Further deepening the contrast between the traditional image of Death and his perception of it, Donne employs a whole range of epithets and comparisons that render the image of Death not as a mighty ruler but as a simple element in the grand design of human existence. “Poor Death” is rather to be pitied than dreaded since it is only a “slave” performing the task of transferring the soul from its earthly life to eternal wake as a result of accidents, murder, disease, war, and royal orders (Donne, lines 4, 8–10, and 13). Referring to such traditional attributes of Death as “rest and sleep”, Donne interprets them as a pleasurable experience, attainable not only of Death’s will but also through “poppy or charms” accessible to any human being and rendering a much more pleasant effect than the unpredictable and often unpleasant “stroke” of Death (Donne, lines 5–6, and 11–12). Thus are Death’s significance and uniqueness destroyed and nearly trampled in the mud since it is represented as a mere reflection and imitation of earthly things.

With all its humiliation of Death, the sonnet represents an intriguing paradox in its interpretation of the topic: one can find an implication of the speaker’s initial fear of Death which was overthrown by analyzing Death’s role and mission (Hodgson 151). Conventionally viewed as a “mighty and dreadful” killer, Death is gradually denied its crucial significance and seen as a kind of messenger, delivering the soul from earthly life to eternity (Donne, lines 2, 4, 8, and 13). The traditional fear of Death impending over mortal beings throughout their earthly existence should not take place, since Donne envisages the afterlife as that free of Death, and free of its terror (line 14). Thus emerges an ironic situation: the statement “Death, thou shalt die” signifies the perishable nature of Death itself (Donne, line 14); it becomes obvious that Death does not actually kill anybody since it dies itself every time a soul is transferred to eternity, and if the end of one’s life is necessitated by Death, then it would have to kill itself.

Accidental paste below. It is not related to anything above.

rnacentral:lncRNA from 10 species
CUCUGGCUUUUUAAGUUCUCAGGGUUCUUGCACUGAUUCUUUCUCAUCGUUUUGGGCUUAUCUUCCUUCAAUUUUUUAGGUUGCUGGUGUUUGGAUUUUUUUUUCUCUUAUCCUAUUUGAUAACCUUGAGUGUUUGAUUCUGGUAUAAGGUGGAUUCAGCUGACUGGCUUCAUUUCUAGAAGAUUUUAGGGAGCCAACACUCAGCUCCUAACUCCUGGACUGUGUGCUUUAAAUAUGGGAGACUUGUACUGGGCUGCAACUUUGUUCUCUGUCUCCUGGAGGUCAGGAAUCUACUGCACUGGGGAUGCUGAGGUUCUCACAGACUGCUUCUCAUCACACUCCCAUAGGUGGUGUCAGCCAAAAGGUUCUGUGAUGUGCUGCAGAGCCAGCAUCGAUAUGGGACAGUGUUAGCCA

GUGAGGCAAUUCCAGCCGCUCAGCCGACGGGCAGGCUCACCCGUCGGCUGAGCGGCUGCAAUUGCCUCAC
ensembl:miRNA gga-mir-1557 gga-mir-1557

Following the natural human urge to understand and override the mysterious forces guiding one’s life, John Donne in his “Death, Be Not Proud” outlines the initial attitude of fear towards Death, analyses its role in human existence, and arrives at the conclusion that Death is but a humble messenger between the mortal and the eternal world.

Works Cited

Donne, John. “Death, Be Not Proud.” Poetry: An Introduction. Ed. Michael Meyer. Bedford Books, 2006. Print.

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Hodgson, Elisabeth M. A. Gender and the Sacred Self in John Donne. Delaware: University of Delaware Press, 1999.

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StudyCorgi. (2021, November 3). The Soul Never Dies: John Donne’s “Death, Be Not Proud”. Retrieved from https://studycorgi.com/the-soul-never-dies-john-donnes-death-be-not-proud/

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StudyCorgi. (2021, November 3). The Soul Never Dies: John Donne’s “Death, Be Not Proud”. https://studycorgi.com/the-soul-never-dies-john-donnes-death-be-not-proud/

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"The Soul Never Dies: John Donne’s “Death, Be Not Proud”." StudyCorgi, 3 Nov. 2021, studycorgi.com/the-soul-never-dies-john-donnes-death-be-not-proud/.

1. StudyCorgi. "The Soul Never Dies: John Donne’s “Death, Be Not Proud”." November 3, 2021. https://studycorgi.com/the-soul-never-dies-john-donnes-death-be-not-proud/.


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StudyCorgi. "The Soul Never Dies: John Donne’s “Death, Be Not Proud”." November 3, 2021. https://studycorgi.com/the-soul-never-dies-john-donnes-death-be-not-proud/.

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StudyCorgi. 2021. "The Soul Never Dies: John Donne’s “Death, Be Not Proud”." November 3, 2021. https://studycorgi.com/the-soul-never-dies-john-donnes-death-be-not-proud/.

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StudyCorgi. (2021) 'The Soul Never Dies: John Donne’s “Death, Be Not Proud”'. 3 November.